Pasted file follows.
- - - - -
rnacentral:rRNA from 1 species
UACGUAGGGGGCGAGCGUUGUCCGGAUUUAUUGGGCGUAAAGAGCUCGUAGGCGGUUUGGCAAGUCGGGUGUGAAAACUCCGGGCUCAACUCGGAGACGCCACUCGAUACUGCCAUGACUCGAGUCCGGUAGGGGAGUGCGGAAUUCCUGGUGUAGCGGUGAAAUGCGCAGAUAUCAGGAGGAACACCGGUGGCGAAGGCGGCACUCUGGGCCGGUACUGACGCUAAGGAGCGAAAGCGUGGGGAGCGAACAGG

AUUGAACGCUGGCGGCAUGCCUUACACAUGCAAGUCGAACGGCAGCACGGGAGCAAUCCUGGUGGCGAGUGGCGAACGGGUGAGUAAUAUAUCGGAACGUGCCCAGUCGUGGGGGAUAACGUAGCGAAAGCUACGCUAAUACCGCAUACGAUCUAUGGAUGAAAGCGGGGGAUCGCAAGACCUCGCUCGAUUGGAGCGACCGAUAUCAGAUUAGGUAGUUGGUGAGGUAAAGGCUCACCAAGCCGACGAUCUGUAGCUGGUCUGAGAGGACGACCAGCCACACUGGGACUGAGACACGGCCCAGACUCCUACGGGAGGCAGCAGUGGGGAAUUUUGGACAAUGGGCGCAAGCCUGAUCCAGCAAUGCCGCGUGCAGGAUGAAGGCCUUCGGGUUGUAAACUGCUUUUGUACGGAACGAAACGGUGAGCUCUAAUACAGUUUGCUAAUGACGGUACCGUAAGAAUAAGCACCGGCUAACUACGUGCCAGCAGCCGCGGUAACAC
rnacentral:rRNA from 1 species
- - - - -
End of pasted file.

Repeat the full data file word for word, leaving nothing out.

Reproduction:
rnacentral:rRNA from 1 species
UACGUAGGGGGCGAGCGUUGUCCGGAUUUAUUGGGCGUAAAGAGCUCGUAGGCGGUUUGGCAAGUCGGGUGUGAAAACUCCGGGCUCAACUCGGAGACGCCACUCGAUACUGCCAUGACUCGAGUCCGGUAGGGGAGUGCGGAAUUCCUGGUGUAGCGGUGAAAUGCGCAGAUAUCAGGAGGAACACCGGUGGCGAAGGCGGCACUCUGGGCCGGUACUGACGCUAAGGAGCGAAAGCGUGGGGAGCGAACAGG

AUUGAACGCUGGCGGCAUGCCUUACACAUGCAAGUCGAACGGCAGCACGGGAGCAAUCCUGGUGGCGAGUGGCGAACGGGUGAGUAAUAUAUCGGAACGUGCCCAGUCGUGGGGGAUAACGUAGCGAAAGCUACGCUAAUACCGCAUACGAUCUAUGGAUGAAAGCGGGGGAUCGCAAGACCUCGCUCGAUUGGAGCGACCGAUAUCAGAUUAGGUAGUUGGUGAGGUAAAGGCUCACCAAGCCGACGAUCUGUAGCUGGUCUGAGAGGACGACCAGCCACACUGGGACUGAGACACGGCCCAGACUCCUACGGGAGGCAGCAGUGGGGAAUUUUGGACAAUGGGCGCAAGCCUGAUCCAGCAAUGCCGCGUGCAGGAUGAAGGCCUUCGGGUUGUAAACUGCUUUUGUACGGAACGAAACGGUGAGCUCUAAUACAGUUUGCUAAUGACGGUACCGUAAGAAUAAGCACCGGCUAACUACGUGCCAGCAGCCGCGGUAACAC
rnacentral:rRNA from 1 species